Designing the mixed-use developments of today and tomorrow
Mixed-use developments are constantly evolving to remain relevant with the shifting times and to keep up with the latest technology.
Mixed-use developments are constantly evolving to remain relevant with the shifting times and to keep up with the latest technology. Humans crave memorable experiences, and providing unique, varied experiences all under one roof can help make those memories last a lifetime. While mixed-use facilities have been around for decades, continued population growth in cities and urban living environments have changed design trends for these spaces.
As cultural hubs of hospitality, retail, residential living, commercial enterprise, and wellbeing – these developments are becoming more prevalent and changing urban landscapes across the country, leading to a new model for urban design. Common examples of the multipurpose facility types often seen in mixed use developments are live (residential and hotel), work (office), and play (retail, sports, and venue).
With more than half of the planet’s population now living in cities, these densely populated areas are facing an urban redevelopment or regeneration to reimagine and provide new opportunities in older and dilapidated areas. Many of the mixed-use developments of today are transit-oriented, intertwine cultural roots of the past with the present, and have a heavy emphasis on sustainability. By modifying old strategies and concepts to accommodate the needs of today and the future, mixed-use developments can remain evergreen as cities continue to grow and support generations to come.
Ease of access
A key component to today’s mixed-use developments is ease of access. Walkability and movability are perhaps the most important features. According to the Federal Transit Authority, “Dense, walkable, mixed-use development near transit attracts people and adds to vibrant, connected communities. Public transportation can help foster partnerships in communities that support the development of affordable housing around transit.”
Public transportation methods commonly used to serve mixed-use developments include light rails, streetcars, and subway systems. As remote working and co-working become more prevalent in a post-pandemic world, these areas can provide flex office space to gather outside of the home including think tanks, conference rooms, and collaboration stations.
Mixed-use facilities are perfectly equipped to provide a vibrant mix of uses that connect cultural roots of the past with the present. From restaurants, shops, gyms, and sporting venues to office spaces, hotels, and healthcare facilities, facilities are integrated into the existing urban fabric, rather than becoming isolated destinations. In many cities, mixed-use developments become the local heart and pulse of the community. They are a destination for both locals and visitors.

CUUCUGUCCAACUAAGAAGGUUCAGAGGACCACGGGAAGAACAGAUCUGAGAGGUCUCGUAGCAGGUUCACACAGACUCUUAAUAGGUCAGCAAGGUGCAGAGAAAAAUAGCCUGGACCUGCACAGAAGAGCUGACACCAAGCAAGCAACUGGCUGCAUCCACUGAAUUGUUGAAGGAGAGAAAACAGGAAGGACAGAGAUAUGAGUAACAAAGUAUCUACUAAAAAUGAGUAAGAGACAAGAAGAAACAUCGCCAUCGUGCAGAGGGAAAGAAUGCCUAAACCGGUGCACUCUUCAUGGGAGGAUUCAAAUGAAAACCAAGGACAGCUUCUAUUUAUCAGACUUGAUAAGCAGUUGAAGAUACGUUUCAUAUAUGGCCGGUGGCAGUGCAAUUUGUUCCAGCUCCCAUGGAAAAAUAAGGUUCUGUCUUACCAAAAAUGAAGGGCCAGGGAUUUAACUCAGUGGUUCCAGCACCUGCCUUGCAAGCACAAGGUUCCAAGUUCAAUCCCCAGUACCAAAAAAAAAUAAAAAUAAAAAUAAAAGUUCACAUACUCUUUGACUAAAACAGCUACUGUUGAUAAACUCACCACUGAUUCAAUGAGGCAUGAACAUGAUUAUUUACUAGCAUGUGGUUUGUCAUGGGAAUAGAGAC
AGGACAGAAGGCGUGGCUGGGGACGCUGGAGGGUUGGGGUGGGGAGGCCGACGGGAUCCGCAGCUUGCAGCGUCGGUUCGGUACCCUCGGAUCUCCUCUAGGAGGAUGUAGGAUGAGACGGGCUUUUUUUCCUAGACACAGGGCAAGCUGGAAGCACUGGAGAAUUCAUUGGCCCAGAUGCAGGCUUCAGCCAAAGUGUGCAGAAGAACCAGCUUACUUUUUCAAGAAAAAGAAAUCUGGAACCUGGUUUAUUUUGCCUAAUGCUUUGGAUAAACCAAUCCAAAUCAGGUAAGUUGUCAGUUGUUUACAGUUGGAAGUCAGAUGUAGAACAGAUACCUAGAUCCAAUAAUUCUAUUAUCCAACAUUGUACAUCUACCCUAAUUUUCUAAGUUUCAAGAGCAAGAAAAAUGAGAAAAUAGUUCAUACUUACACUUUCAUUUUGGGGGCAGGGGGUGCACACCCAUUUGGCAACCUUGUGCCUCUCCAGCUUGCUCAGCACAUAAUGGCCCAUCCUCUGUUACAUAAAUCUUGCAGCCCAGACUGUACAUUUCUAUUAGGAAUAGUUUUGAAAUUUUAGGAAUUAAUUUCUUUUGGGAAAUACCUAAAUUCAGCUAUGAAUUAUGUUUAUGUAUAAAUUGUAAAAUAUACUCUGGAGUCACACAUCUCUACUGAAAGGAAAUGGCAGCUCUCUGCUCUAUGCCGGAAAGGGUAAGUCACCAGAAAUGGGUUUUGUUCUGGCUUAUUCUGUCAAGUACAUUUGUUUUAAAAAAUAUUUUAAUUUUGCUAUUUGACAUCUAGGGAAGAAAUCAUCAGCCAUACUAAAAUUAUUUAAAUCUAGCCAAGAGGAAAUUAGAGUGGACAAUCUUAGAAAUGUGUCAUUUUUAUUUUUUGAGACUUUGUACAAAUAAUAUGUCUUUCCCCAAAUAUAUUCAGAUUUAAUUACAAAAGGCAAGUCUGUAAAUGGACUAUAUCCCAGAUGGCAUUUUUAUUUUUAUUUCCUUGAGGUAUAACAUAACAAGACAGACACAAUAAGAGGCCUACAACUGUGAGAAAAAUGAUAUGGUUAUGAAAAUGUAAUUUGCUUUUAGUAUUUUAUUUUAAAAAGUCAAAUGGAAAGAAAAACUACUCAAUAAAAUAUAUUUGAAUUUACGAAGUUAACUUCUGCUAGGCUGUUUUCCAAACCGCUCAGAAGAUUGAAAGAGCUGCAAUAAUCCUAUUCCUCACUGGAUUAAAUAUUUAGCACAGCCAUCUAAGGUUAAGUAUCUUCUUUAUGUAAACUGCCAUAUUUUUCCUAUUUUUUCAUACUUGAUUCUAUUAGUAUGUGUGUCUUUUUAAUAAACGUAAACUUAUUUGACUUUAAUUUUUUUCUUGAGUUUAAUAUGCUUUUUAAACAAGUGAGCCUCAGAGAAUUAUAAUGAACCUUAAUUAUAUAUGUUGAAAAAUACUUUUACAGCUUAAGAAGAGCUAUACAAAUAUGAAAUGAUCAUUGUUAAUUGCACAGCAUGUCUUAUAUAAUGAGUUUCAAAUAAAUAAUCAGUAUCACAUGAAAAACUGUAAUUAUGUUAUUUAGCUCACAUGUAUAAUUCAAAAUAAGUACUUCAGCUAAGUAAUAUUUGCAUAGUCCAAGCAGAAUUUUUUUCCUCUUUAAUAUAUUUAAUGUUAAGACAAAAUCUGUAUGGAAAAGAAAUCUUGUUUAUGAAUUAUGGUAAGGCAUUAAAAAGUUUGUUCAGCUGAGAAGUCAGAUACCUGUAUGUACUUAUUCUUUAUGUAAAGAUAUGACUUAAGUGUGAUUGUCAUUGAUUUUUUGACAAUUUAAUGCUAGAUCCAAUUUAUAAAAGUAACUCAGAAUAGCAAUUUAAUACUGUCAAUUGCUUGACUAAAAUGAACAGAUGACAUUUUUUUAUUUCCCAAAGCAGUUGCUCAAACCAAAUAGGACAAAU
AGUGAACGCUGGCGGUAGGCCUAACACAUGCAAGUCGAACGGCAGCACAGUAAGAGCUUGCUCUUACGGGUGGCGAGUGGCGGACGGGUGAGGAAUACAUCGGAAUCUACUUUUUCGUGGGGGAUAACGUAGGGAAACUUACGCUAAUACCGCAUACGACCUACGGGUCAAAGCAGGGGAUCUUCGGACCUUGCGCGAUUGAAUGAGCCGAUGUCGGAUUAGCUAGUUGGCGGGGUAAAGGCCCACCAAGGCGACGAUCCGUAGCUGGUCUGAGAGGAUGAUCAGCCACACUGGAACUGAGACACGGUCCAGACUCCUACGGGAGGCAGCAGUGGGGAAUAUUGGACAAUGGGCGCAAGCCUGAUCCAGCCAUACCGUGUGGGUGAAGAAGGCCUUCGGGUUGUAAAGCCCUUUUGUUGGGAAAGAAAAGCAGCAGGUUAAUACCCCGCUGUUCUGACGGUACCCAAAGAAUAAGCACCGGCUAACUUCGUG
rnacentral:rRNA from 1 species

Today more than ever, designing with a sustainable mindset is crucial. Mixed-use developments can play a crucial role by encouraging mass transit use, therefore reducing vehicle miles traveled. It is critical to design and build mixed-use developments to be efficient in every way possible, including low energy use from building systems.
Engineering and planning for future challenges
Looking to the future, it will be crucial to build resilient mixed-use buildings. Limited resources such as water are leading to higher costs. Exploration and implementation of re-use applications such as rainwater catchment, harvesting and greywater reuse will be key to addressing these concerns.
Newer and cleaner methods for powering and heating these facilities will also be critical with natural gas being removed from many new builds and staged out in metropolitan areas. Building electrification is a clean solution, leading to all-electric buildings that provide a pathway to eliminating fossil fuel use, which is responsible for 92% of total U.S. anthropogenic CO2 emissions.
Additional challenges faced by mixed-use developments of the future are related to densification. One of these being condensed footprints for all building utility services (sanitary and grease waste, storm, electrical, natural gas, generators, and water (domestic, fire sprinkler, etc.). Another challenge for these services is where to locate them and how to conceal them. It is critical to coordinate these thoughts early in project design.
Many of these facilities host varying tenants and are used for very different purposes. This gives designers the chance to turn challenges into opportunities. A key example is designing HVAC systems to accommodate different building usage types and to capture energy efficiencies. This can be accomplished by utilizing diversified operating schedules and needs to optimize system size and efficiency.
Other considerations for designing facilities with varying occupants are the multiple code requirements and differences. This requires coordination with municipalities, utility companies, civil/structural engineers, architects, and building owners.
Engineers will continue to be tasked with finding cost-effective solutions and ways to retrofit these developments for future client needs and emerging technologies. It’s important to provide guidance and clarity on choices with owners and clients to assist in futureproofing and adaptability. The engineers of the future are going to need to have great listening and communication skills, empathy, and provide clients an experience they won’t forget.
Original content can be found at Henderson Engineers.